“The U.S. corn market will shift from a 21-day end-of-year supply to a 53-day end-of-year supply. This increase in stocks will cause prices to decline from a marketing-average price of $6.90 per bushel for 2012-13 to a projected $4.80 per bushel in 2013-14,” said Davis.

The 2013 U.S. soybean crop is projected at 41.2 bushels per acre. This is down from the August estimate and reduces the projected soybean crop by 36 million bushels from the previous estimate to a 3.15 billion bushel crop for 2013-14.

The 2013-14 soybean ending stocks are expected to sharply decrease from the August estimate, to 150 million bushels. If realized, soybean stocks are projected to increase by only 25 million bushels over the 2012-13 marketing year. Looked at another way, 150 million bushels in stocks equates to about 17 days of soybeans in the grain bins on Sept. 1, 2014.

Even so, the projected marketing-year average price for soybeans is expected to decline from $14.40 per bushel for 2012-13 to $12.50 per bushel for 2013-14, although this estimate is up slightly from the prior month.

Soybean prices will be less connected to corn, in the coming year, according to Davis.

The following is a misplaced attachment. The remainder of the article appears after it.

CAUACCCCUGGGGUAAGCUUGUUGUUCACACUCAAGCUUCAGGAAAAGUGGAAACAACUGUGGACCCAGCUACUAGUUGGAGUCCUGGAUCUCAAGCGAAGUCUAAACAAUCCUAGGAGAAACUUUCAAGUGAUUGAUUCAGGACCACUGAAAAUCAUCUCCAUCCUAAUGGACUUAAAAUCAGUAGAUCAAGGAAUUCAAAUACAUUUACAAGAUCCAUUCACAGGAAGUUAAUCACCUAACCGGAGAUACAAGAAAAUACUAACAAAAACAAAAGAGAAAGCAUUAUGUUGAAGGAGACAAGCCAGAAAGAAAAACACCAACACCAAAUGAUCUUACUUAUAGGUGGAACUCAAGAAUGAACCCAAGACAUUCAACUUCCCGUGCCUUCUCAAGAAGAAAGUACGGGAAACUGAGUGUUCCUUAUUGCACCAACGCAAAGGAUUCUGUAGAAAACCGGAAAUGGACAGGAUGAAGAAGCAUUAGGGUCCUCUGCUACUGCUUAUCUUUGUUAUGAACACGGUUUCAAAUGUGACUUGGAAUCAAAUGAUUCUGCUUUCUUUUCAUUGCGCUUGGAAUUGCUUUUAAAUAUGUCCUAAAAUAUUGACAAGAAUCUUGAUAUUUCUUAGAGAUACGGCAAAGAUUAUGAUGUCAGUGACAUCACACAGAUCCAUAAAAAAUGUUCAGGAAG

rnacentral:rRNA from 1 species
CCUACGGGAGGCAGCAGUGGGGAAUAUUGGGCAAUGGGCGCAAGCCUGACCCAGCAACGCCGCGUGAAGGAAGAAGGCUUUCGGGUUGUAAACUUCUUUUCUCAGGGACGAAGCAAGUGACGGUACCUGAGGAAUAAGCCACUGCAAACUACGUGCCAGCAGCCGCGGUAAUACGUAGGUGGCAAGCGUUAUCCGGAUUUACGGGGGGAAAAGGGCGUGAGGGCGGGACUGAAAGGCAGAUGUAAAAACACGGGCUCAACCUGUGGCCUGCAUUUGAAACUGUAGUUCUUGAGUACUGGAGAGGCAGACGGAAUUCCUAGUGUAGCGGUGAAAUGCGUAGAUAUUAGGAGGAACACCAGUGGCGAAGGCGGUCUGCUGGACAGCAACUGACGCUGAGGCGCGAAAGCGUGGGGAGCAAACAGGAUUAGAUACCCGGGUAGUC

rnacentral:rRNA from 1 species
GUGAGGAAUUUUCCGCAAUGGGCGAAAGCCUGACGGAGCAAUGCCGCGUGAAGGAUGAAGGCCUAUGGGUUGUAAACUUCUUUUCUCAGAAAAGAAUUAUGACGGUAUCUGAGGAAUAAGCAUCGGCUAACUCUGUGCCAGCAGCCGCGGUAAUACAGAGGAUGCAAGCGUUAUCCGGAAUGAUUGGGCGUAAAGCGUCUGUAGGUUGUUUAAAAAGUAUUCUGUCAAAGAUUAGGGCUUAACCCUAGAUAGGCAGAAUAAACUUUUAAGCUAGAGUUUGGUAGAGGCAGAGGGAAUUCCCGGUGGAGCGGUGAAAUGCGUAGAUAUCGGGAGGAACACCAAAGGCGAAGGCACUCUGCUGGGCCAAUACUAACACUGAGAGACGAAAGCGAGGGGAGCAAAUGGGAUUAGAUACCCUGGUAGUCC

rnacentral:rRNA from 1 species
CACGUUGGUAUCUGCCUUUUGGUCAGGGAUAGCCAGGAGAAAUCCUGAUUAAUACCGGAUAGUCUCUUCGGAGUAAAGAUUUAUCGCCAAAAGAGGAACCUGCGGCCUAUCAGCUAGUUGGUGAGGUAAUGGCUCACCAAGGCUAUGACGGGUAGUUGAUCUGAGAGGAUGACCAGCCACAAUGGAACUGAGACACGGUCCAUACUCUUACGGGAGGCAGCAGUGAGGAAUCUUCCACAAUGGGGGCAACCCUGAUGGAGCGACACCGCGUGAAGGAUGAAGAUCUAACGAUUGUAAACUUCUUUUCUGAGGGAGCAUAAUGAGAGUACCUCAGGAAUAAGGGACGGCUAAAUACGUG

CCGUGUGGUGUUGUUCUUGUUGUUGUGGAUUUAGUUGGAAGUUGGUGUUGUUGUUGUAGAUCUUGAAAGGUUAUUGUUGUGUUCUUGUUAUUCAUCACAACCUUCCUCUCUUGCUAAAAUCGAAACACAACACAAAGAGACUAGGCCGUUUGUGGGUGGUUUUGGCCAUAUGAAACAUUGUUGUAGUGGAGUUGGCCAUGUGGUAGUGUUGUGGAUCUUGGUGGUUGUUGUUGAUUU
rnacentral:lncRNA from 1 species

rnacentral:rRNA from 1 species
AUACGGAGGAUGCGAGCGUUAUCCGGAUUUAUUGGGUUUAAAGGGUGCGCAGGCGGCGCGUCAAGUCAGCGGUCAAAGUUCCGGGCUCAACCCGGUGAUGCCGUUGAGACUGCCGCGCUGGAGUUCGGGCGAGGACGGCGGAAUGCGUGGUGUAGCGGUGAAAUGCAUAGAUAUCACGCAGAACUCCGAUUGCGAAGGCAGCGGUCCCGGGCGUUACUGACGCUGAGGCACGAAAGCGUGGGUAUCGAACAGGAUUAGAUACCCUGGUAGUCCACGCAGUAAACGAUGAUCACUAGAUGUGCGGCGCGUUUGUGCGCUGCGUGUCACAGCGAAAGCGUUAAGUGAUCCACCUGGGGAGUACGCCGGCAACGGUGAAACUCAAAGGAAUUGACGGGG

“Market dynamics are changing compared to what farmers have seen over the last three years or so,” Davis said.

“Soybean prices have been following the corn market the last three years but are now poised to separate from corn,” said Davis. “As corn stocks are projected to increase, the corn price will have limited upside potential as the market has to clear. Soybeans are projected to continue to have tight stocks, which will keep prices high enough to ration use throughout another marketing-year.”

The report from USDA incorporates farm production information in the supply and demand estimates but does not adjust acreage estimates. USDA will publish a revision to its acreage estimates in October adding another bit of uncertainty to the market.

 

background_banner